Saturday, January 24, 2009

Drunken Lemur Alert

This is pretty much my favorite Dilbert cartoon of all time:

dilbert drunken lemurs

(If I had known how to link to this comic before, it would have certainly worked its way into an earlier post.)

It would appear that the drunken lemurs are alive and well in county government; here's the latest example of their idiocy:

A little while ago, I went with a friend to a rather busy Starbucks. The place was packed, and, because the temperature is in the 30s tonight, everyone was inside. There was this huge group in the middle that threw the tables-to-chairs ratio all out of whack, which meant that there were plenty of tables, but no chairs to place around them.

I saw one empty chair up front, behind a still-large-but-somewhat-smaller group, and I asked the guys if that chair was taken. They said it belonged to some (unseen) friend of theirs, but that I should do what they did and get some chairs from outside (since those tables were obviously not being used). I did this, and my friend and I sat down to enjoy our drinks, and we noticed that several other nearby tables had the outside chairs as well.

Within a short while, we noticed one of the Starbucks workers coming up to each of the tables around us. I knew that it was nowhere near closing time (indeed, the store is still open as I write this), so I wondered what was up; eventually, I heard something about us not supposed to be using the outside chairs inside. I asked the employee why this was, and she said she didn't know, but we were welcome to contact the manager. Sure, I'll take a card, I said, and when she came back with his card, she had found out why the rule was in place: The health department didn't allow "outside" chairs inside. Huh??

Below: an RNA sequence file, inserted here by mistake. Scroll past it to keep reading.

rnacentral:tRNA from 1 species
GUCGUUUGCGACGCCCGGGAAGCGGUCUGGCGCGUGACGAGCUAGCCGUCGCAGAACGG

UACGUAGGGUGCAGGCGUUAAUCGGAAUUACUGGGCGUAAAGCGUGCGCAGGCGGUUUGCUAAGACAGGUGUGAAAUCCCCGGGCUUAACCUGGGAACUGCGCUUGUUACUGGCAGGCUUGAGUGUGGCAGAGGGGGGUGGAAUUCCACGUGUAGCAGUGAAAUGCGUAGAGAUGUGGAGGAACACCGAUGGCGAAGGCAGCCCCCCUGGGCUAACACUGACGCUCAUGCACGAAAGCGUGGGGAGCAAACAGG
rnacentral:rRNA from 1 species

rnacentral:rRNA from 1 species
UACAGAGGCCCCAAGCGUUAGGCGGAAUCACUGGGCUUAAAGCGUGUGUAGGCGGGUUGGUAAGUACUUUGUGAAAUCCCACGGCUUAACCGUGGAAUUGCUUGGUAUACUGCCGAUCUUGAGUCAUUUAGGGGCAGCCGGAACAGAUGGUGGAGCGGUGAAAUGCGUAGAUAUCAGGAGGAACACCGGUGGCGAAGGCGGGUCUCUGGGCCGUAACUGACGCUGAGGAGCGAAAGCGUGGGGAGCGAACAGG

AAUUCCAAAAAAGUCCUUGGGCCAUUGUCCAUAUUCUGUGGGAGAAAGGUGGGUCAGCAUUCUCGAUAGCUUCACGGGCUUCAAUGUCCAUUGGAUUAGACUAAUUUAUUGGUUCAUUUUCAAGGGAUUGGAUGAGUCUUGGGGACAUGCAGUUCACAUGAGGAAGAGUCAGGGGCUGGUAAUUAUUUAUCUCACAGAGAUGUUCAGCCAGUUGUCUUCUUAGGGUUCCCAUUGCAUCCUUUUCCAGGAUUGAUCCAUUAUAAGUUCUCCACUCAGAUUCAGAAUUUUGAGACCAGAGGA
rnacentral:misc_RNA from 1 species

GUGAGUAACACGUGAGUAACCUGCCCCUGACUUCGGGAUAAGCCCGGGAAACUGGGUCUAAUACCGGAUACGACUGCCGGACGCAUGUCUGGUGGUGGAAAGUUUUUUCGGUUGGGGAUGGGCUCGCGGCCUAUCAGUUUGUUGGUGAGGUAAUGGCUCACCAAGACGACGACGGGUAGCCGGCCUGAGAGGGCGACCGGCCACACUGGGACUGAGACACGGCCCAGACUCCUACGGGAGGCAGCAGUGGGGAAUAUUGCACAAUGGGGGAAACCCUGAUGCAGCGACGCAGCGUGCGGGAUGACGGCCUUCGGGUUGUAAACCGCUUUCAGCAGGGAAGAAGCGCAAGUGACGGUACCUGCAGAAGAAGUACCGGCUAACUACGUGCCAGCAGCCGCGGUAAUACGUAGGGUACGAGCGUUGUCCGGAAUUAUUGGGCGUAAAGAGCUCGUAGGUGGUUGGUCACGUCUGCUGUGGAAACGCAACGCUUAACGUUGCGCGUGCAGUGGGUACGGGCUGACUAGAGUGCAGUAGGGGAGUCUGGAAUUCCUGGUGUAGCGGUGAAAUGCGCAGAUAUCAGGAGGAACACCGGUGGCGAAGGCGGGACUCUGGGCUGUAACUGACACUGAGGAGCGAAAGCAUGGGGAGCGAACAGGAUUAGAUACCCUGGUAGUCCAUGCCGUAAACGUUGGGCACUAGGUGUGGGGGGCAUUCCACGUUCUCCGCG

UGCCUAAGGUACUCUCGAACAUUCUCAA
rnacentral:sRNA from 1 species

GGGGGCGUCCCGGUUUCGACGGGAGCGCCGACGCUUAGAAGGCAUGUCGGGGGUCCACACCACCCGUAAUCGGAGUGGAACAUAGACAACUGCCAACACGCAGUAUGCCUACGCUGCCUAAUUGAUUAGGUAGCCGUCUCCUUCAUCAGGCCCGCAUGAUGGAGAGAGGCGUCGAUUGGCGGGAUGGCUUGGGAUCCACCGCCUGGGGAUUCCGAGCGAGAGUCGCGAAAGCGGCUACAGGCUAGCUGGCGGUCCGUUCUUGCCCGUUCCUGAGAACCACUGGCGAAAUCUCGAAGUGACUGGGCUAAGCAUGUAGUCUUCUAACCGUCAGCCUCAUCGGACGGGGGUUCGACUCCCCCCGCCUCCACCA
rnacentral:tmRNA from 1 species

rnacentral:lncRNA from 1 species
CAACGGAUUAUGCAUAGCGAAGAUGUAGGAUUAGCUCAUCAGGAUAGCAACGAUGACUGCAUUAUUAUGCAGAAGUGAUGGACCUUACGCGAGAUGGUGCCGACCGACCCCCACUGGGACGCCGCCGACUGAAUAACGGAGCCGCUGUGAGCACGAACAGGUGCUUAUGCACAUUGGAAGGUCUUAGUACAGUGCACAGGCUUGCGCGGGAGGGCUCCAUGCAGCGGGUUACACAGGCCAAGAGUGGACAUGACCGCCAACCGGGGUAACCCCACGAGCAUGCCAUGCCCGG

I feel relatively sure that this wasn't the first time I had experienced the commingling of indoor and outdoor furniture, and it led us to muse about what the health department could possibly be worried about. My friend jokingly suggested that there must be "cancer particles" in the outdoor air that would "get in the coffee as it's being ground," whereas I posited that they must be afraid that a bird would land on an outside chair and bring plague and pestilence into the place if we took the chairs in. It also occurred to me that this type of commingling must happen all the time in people's houses: bringing in lawn chairs to accommodate extra guests, bringing plates from the kitchen outside when barbecuing, and so on. Mostly, I was annoyed that my evening was made less enjoyable by the work of some petty bureaucrat somewhere who has no idea that this regulation sometimes gets in the way of business.

Again, I'm not railing against all government regulation; indeed, keeping the food supply from being tainted is one of the few things government does well on a regular basis. But I fail to see how the inside/outside chair situation rises to the level of tainting the food supply. Instead, this sounds like the work of a do-nothing government worker with too much time on his or her hands, a "solution" in search of a problem. (If this situation were so serious, why had none of us at Starbucks heard of it before?)